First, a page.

Ignorance is not an option.
Letter to the Editor of the Lancet
The Editor of the Lancet recently participated in an Australian radio broadcast which included proponents of the PACE Trials. The comments by Dr. Horton indicate a lack of knowledge about this disease and about the biomedical research which has taken place and is continuing, even though it receives none of the funding which psychiatrists have received to promote their flawed research.
Invest in ME responded.
We publish this letter to allow as much open debate as possible and to show that there is a possibility to change things for the better for people with ME and their families - if the will and the education is available.
Ignorance is not an option.
To: Dr Richard Horton Editor The Lancet
Dear Dr Horton,
Recently you have commented about the PACE trials.
You have described patient advocates as a very damaging group of individuals, who have distorted the debate.
Invest in ME is a UK charity which seeks to educate about Myalgic Encephalomyelitis (ME/CFS).
We are advocates of better education regarding ME/CFS.
We are organising and hosting our 6th Invest in ME International ME/CFS Conference at One Birdcage Walk, Westminster, London, on 20th May 2011. The conference has been given full CPD accreditation.
We would not wish the editor or staff of the Lancet to be criticised for holding unhelpful illness beliefs with regard to ME/CFS.
So, in the spirit of open debate, the chairman and trustees of Invest in ME respectfully invite you to attend the conference on 20th May as guest of Invest in ME.
The conference presents the biomedical research which is being performed by world-class scientists from USA and Europe - research which the Lancet is seemingly unaware of, in that it never seems to mention any of it.
At this year’s conference you will have the opportunity of hearing from world-renowned experts on ME/CFS including one of the most experienced paediatricians in the world discussing a 25-year follow-up of ME/CFS patients; a former Stanford doctor discussing translational research into ME/CFS; the clinical and research experiences of an infectious diseases specialist concerning enteroviral research in ME/CFS; the proteomics of cerebrospinal fluid in ME/CFS; the possibilities in the UK for genome sequencing, immunological and virological analysis of ME/CFS; B-cell depletion therapy and clinical trials of Rituximab in ME/CFS; the clinical experiences of diagnosis, treatments and trials in ME/CFS from Europe’s most experienced ME/CFS researcher; and the latest news of XMRV research and ME/CFS, including results from Germany.
It ought to be important for the Lancet to be acquainted with current biomedical research into this disease especially as the Lancet has not distinguished itself in being objective in its reporting of ME/CFS. Apart from the conference on 20th May we will also be organising and hosting a pre-conference evening presentation in Westminster on 19th May. The presentation is entitled Science, Politics .... and ME and will have respected scientist, academic and politician Dr Ian Gibson and the respected US journalist Hillary Johnson presenting transatlantic views of the influence of politics on research, media and healthcare.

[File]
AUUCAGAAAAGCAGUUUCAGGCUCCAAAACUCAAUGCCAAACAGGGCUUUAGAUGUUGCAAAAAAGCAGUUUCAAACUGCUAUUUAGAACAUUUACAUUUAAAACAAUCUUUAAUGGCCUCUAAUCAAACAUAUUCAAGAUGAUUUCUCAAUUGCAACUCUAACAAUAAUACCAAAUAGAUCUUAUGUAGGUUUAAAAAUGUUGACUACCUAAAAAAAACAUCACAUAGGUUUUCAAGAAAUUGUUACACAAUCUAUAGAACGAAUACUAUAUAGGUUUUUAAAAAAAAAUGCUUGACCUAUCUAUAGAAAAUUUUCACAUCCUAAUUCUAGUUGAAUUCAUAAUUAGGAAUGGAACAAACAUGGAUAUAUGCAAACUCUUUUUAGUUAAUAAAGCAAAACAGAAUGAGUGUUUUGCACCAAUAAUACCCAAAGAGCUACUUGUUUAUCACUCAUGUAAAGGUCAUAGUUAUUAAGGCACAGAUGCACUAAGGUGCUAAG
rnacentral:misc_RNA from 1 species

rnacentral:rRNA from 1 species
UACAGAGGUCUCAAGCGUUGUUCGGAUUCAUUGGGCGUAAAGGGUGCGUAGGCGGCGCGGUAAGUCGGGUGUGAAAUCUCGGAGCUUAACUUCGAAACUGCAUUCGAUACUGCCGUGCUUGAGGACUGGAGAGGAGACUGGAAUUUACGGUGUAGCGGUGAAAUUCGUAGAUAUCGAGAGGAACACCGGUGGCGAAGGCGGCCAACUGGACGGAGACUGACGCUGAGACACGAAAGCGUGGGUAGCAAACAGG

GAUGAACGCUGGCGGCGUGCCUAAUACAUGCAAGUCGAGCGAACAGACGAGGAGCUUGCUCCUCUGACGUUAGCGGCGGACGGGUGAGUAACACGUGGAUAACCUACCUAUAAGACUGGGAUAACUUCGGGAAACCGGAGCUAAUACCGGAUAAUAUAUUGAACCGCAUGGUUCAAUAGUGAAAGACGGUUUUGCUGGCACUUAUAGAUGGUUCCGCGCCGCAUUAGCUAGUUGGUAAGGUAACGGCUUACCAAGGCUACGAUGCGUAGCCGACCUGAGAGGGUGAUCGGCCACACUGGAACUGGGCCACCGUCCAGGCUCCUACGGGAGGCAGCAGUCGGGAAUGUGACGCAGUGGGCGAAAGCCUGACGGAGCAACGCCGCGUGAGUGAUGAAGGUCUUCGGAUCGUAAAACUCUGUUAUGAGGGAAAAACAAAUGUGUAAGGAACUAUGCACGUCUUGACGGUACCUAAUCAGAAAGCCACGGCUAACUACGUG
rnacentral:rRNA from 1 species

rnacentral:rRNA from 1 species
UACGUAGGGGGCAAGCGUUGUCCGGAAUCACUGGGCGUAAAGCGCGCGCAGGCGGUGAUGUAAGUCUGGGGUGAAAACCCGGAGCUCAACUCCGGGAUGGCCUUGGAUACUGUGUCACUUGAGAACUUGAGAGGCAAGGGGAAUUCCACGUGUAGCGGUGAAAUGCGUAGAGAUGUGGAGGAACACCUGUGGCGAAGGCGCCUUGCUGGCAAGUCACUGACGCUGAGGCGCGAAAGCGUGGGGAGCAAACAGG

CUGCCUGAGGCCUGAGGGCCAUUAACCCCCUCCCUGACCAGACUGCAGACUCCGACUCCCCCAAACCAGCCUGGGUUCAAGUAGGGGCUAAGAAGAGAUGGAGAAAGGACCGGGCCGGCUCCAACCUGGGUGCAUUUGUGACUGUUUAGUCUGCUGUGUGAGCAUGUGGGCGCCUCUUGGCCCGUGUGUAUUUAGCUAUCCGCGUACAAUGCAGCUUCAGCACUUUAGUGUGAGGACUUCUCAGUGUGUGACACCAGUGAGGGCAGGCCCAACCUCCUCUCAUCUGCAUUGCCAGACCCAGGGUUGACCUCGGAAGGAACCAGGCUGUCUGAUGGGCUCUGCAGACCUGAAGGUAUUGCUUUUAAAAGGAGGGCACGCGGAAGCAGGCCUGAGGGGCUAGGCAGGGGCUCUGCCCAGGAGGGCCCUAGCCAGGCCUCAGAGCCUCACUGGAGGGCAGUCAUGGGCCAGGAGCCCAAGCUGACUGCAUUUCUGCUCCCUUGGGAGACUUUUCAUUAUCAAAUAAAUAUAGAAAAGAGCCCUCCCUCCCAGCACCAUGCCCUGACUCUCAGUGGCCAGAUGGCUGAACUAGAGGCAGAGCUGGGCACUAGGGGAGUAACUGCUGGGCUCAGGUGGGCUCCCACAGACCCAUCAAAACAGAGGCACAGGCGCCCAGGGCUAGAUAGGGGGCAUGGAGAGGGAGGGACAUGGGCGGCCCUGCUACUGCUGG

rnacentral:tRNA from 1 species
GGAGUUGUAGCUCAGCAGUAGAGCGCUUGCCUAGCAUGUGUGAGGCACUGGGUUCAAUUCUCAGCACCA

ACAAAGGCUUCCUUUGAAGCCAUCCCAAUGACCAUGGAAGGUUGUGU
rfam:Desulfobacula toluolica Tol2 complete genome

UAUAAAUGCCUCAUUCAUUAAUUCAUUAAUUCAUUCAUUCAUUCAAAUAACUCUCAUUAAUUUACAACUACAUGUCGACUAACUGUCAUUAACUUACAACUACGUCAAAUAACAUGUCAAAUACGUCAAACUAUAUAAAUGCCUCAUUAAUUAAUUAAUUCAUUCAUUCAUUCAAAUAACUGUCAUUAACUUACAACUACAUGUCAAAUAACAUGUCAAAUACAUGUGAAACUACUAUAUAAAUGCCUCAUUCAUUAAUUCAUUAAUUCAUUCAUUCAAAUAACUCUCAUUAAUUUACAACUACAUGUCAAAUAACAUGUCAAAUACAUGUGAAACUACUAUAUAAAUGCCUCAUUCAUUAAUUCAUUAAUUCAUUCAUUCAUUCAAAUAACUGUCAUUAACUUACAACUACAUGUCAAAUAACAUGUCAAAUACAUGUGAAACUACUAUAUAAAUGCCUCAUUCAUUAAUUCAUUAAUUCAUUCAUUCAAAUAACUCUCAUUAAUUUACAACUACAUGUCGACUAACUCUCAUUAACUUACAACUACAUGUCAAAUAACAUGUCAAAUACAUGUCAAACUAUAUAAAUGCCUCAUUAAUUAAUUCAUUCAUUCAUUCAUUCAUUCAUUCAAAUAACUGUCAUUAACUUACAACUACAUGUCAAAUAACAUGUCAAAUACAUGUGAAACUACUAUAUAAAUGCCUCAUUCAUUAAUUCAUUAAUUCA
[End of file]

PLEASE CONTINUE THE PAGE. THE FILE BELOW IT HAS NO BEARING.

You are cordially invited to that evening as guest of Invest in ME. In addition to the above Invest in ME would also like to facilitate a meeting for you with some of the researchers who will be presenting at the conference. We can organise this on the 19th May in London at a venue arranged by the charity. Here you would be able to discuss with scientists who have and are performing biomedical research into ME/CFS and research upon which the Lancet really ought to be reporting.
We understand that, having published the PACE trials document – a study which most ME/CFS patient organisations view as deeply flawed and a complete waste of money, it is difficult for the Lancet to admit that this document is of no value in treating ME/CFS.
However, there is no excuse for ignorance with regard to any disease – especially ME/CFS which has been so maligned by misinformation, lack of funding and vested interests employed by the insurance industry.
The Lancet has a duty to report honestly and fairly.
We note from your web site that the founder of the Lancet, Thomas Wakley, founded The Lancet with the statement that "A lancet can be an arched window to let in the light or it can be a sharp surgical instrument to cut out the dross and I intend to use it in both senses".
Patients suffering from this awful disease certainly need a campaign to cut out the dross which we see only too clearly in the way ME/CFS is presented by false research such as the PACE trials - and healthcare staff really do need to see the light.
We welcome you to our conference events in London in May to listen to the biomedical research and demonstrate whether the Lancet still maintains that it is a reformist medical newspaper known for its campaigns.
We look forward to welcoming you at the conference in May,
The Chairman and Trustees
Invest in ME
UK Charity Nr 1114035